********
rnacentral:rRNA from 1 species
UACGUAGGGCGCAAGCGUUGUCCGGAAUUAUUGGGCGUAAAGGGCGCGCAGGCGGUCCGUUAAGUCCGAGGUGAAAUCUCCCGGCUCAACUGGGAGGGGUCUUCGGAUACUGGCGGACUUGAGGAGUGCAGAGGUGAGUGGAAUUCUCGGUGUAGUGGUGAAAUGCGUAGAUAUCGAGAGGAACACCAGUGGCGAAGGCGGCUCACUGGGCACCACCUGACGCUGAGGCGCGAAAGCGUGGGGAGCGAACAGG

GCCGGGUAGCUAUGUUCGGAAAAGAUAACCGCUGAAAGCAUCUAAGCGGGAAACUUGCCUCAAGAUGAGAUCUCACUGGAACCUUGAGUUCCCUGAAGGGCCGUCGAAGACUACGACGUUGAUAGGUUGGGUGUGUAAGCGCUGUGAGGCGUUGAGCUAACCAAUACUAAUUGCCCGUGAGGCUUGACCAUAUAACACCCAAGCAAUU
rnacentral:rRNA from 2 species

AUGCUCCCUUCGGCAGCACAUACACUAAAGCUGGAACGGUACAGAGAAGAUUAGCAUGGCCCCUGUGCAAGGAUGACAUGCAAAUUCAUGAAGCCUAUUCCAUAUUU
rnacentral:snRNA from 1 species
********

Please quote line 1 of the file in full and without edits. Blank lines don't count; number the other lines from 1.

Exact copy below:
rnacentral:rRNA from 1 species